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Is it bad practice to create an interface only to combine two other interfaces? [Resolved]

I'm working on an infrastructure for inter process communication. I have created two interfaces, one to send data and another one to listen to data being sent:

public interface ISender : IDisposable
{
    void Send(T dataToSend);

    void Disconnect();
}

public interface IListener : IDisposable
{
    event EventHandler> DataReceived;

    void Connect();

    void Disconnect();
}

I've also created another interface to allow two way communication:

public interface ICommunication : IListener, ISender
{

}

But I'm not entirely comfortable with the fact that this interface is just combining the previous two interfaces and not adding anything.
To me, it feels to much like a marker interface (even though it's not).

So the question is, do you think it's bad practice, and if so, can you provide another alternative?


Question Credit: Zohar Peled
Question Reference
Asked April 16, 2019
Tags: , interfaces
Posted Under: Programming
34 views
3 Answers

Thanks to everyone that commented or answered my question.

After carefully considering all the information everyone provided on this question, I've decided to not include the ICommunication interface after all.

I've came to this conclusion based on both Karl's and Flater's answers and on the last comments by Liav and Kain0_0 - so instead of marking any of the existing answers as accepted, I better post an answer myself and accept it - so here are my reasons:

  • The first part of Flater's last paragraph:

    it's good practice to keep responsibilities separated as best as you can

  • From Liav's last comment:

    Do you have components that are both things at the same time (sender and listener)? If yes, then it couldt make sense. However, don't you think such component have too many reasons to change?

  • From Karl's answer:

    Do you ever have a list of ICommunication in your calling code, or is that purely because you noticed some things are both and you wanted to classify it as such?

  • Kain0_0's first comment:

    Does IComminucation define a richer expected behaviour then IListener + ISender? Yes then this is fine, there is someone out there expecting this richer behaviour. No then just inherit each interface directly and pass the object as the IListener and as the ISender to whomever needs them.

All things considered, I've decided it's probably a bad practice to have the IComminucation interface.


credit: Zohar Peled
Answered April 16, 2019

The way to determine if this is advisable for your use case is to look at the calling code. Do you ever have a list of ICommunication in your calling code, or is that purely because you noticed some things are both and you wanted to classify it as such? A subtype relationship is a very strong form of coupling, so you don't want to create it unless you actually need to use it.

That goes for the ISender and IListener as well, for that matter. If you never have a situation where you need one but not the other in the calling code, the interface segregation principle doesn't require you to separate them just because they feel like different things and you want to classify them accordingly. An interface is a working relationship, not a descriptive one.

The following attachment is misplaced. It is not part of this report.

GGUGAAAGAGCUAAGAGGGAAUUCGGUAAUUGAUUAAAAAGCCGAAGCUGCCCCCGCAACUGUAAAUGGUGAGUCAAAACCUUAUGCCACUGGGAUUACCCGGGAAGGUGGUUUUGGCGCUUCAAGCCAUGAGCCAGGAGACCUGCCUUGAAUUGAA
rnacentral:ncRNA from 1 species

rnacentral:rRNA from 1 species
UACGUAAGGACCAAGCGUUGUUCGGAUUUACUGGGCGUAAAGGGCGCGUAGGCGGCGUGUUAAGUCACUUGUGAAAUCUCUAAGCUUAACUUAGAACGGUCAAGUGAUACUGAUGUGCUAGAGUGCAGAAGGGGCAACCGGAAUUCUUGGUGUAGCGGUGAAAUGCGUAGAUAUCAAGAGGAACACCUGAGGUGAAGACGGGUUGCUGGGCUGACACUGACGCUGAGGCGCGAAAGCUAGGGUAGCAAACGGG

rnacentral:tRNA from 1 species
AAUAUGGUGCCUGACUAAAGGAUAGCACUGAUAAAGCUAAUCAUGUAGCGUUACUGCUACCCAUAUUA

credit: Karl Bielefeldt
Answered April 16, 2019

The core question here is whether you're ever going to have an explicit requirement for an object to implement both interfaces.

When you don't, that means that you're only doing it to save some characters in the class definition, which is not enough of a justifiable reason to create this pseudo-marker-interface.

However, if there is an actual need for an object which does both, then it does become relevant.

Suppose you're trying to create a method in which you need to send and receive data. Since these are two separate responsibilities, you're likely going to split these out anyway:

public void Synchronize(ISender<int> sender, IReceiver<int> receiver)
{
    sender.Send(myInt);
    myInt = receiver.Receive();
}

Even if you wish to use a class that just happens to implement both interfaces, you can simply pass in the same object:

Synchronize(myCommunicationObject, myCommunicationObject);

At this point, you don't need the joined interface, because the send/receive responsibilities are two separate tasks. However, if your business logic requires that you exchange data with the same object (for whatever reason), then the above method makes it impossible to prevent that sender and receiver are the same object (and no, an equality check and possible exception is of course not a good way to solve this).

This is where the joined interface becomes relevant, because you now have an explicit need for a single object with both send/receive capabilities. When you create this interface, it becomes possible to enforce sending/receiving over the same channel:

public void Synchronize(ICommunication<int> channel)
{
    channel.Send(myInt);
    myInt = channel.Receive();
}

This may not apply to your current use case, but there are cases in which this would be a valid solution.

The core of the answer here is that it's good practice to keep responsibilities separated as best as you can, but when there is an explicit need for two responsibilities to be conjoined, then creating that conjoined responsibility is the most sensical approach.


credit: Flater
Answered April 16, 2019
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